This morning I got to schlep Dinsdale, Oh Great Hairy One, to the vet. As I have had trouble finding a vet I like nearby, it necessiated a 30 minute drive with a constantly eh-eh-eheheheh-eheheheeEHEH!-ing cat next to me. He did me the favor - this one time, Dinsdale, and then it's never a favor again, got it? - of peeing on the kitchen floor in his favorite spot, saving me the cost of the doctors getting it from him. Turns out, he doesn't show the signs of having a UTI, but they didn't do any bloodwork and I was just relieved to rule out the urinary tract infection and paid my money and ran away. Now, I'm back online reading about the symptoms and the chorus sounds dire. The vet's advice was to get another cat box, so he can have his own (although I totally see Sammy using it) so for now, that's what I'll do and just monitor the little fucker. Chicken Vickie just lost her lovely cat, Emily (another commission on the horizon: Dead Cats R Us), to kidney failure, so that was fresh in my mind. Dinsdale's still a pup: I want him to outlive me.
The year of living ugliously.
I have a scar from my right ear, down my neck. It's a little souvenir of a terrible year, which was last year. This year has actually been pretty good, but I've realized that in some ways I'm still dwelling in the bad, rather than the here and now, aka the good. I have, essentially, let myself go to seed. Which is not your problem, and probably not even of any interest. But I'm going on a hunch if I put it out there for my three readers to see, that it will reinforce my will to actually do something about it. Send your willpower juju my way, please. Saturday, Chicken Vickie came over. We had lemon cucumbers and walla walla sweets in oil and vinegar. We played Scrabble, and I kicked her ass. Here she is looking up 'za', which she challenged me on.The girls had an epic dirt bath. Ester looks dead. Poor butters was about two feet away. They're still not letting her play in any reindeer games.Back porch, Monday morning. Sammy is speaking to me telepathically: do you really need to go to work?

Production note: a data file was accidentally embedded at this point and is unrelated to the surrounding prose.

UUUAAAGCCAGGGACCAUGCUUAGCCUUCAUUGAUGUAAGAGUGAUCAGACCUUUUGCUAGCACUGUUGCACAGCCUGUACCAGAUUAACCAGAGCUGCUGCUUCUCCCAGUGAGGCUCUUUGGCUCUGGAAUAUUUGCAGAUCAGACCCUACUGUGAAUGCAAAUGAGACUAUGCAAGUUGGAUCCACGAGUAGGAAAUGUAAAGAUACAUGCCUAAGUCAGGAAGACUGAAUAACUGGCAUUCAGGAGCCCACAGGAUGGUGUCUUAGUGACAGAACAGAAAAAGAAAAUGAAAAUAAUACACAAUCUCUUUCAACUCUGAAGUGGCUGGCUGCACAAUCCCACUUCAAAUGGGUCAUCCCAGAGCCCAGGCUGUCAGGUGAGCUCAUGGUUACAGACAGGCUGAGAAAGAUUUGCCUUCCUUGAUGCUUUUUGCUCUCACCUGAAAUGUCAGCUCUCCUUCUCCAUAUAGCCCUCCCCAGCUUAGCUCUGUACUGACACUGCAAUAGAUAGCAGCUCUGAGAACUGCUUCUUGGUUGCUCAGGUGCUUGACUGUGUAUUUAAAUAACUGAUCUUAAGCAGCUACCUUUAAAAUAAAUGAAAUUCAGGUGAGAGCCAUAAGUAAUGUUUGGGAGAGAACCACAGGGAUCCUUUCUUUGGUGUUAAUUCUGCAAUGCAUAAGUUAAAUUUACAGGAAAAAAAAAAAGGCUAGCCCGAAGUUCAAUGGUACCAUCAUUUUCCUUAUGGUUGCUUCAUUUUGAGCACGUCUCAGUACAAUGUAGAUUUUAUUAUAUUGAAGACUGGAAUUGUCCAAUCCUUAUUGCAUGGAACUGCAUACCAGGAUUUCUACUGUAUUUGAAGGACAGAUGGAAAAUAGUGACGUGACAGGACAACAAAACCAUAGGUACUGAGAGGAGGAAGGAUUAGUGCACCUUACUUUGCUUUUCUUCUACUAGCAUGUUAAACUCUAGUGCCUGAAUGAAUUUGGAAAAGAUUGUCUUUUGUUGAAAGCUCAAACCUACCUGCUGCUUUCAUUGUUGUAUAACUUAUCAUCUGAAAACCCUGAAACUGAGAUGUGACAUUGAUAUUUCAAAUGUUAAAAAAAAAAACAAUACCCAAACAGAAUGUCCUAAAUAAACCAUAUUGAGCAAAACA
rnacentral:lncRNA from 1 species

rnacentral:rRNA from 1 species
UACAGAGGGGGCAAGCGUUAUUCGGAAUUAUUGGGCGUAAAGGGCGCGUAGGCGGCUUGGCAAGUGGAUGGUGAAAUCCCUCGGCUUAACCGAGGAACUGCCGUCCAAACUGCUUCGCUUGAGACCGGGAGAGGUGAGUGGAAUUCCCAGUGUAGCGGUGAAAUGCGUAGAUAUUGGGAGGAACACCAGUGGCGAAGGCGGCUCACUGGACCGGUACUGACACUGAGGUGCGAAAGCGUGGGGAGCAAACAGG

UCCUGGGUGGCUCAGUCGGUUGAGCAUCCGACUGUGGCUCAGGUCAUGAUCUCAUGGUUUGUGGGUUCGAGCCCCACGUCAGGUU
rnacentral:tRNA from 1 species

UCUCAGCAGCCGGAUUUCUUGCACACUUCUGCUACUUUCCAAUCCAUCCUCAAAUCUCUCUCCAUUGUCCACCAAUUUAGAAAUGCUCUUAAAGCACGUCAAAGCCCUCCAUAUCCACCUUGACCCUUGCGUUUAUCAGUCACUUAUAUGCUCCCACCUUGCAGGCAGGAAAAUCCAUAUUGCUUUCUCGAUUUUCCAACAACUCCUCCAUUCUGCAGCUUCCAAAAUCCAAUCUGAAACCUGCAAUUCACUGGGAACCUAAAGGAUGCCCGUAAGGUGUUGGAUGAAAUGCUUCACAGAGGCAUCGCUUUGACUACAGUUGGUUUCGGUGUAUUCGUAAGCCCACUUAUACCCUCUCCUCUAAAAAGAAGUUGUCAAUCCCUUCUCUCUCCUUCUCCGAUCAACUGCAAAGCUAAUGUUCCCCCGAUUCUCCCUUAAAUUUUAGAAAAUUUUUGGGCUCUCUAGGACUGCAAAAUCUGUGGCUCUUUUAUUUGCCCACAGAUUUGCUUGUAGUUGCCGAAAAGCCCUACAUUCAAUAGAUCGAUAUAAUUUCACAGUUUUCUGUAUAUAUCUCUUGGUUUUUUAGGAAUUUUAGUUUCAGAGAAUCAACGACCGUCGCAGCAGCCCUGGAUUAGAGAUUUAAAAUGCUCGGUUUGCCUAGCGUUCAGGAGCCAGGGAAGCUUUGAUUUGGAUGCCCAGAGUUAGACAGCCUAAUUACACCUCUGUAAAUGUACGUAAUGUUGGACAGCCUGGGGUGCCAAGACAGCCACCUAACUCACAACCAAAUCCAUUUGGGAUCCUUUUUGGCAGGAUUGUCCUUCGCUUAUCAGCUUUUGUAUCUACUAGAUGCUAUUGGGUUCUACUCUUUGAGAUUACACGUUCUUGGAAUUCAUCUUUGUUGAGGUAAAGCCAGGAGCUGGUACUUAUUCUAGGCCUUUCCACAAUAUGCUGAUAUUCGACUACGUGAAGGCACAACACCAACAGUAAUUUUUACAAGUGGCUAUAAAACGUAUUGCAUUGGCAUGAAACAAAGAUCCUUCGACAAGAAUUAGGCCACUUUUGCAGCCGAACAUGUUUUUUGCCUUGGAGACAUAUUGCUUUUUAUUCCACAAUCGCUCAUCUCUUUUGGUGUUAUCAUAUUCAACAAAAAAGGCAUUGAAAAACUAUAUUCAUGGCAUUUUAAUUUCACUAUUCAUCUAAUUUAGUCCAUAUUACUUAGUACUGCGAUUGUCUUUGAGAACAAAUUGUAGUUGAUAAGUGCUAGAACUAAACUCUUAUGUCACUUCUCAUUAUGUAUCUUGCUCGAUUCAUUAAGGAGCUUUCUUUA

People will surprise you, if you let them.
Today on my way to work - late - I stopped by a hardware store/lumber yard that I drive past every day on my way to work. Now this is a store that is definitely out of my comfort zone. I would be like I went into REI. My eyes would roll back in my head and I would have an out of body experience. But I'm looking for wood latticing and they didn't have it at the big-ass Lowe's, which I also drive past every day. A young redneck looking kid approached me, but he was very helpful, and got me what I wanted and then this older, glad-handing kind of guy wrote me up, all the time ribbing the younger guy - 'he's like a son to me. I never had kids'. but then goes on to tell me he does have grandkids now, and I'm not sure how that works. I told him I only had the four legged variety, then corrected myself: two legged, also, the chickens. And he pulls out a folded piece of paper out of his pocket and gives it to me. Tells me not to open it up in the store, wait until I got home, as it would make me cry. So, I put it in my wallet. Outside the kid was eyeing my car: how we gonna do this? And I realize that while my little car holds a LOT of crap, there was not way it was going to accommodate these lattice panels. So, they kindly roped it to the top of my car and all in all, I really just loved being there. Fuck Lowes. This is my new hardware store. And when I got to work, I pulled out his little piece of paper and it was a poem to his dead dog, Hoagie. It wasn't very good, but just the idea that this big jolly hardware guy had written a poem, first off, and then to his dog. Well. And I did cry.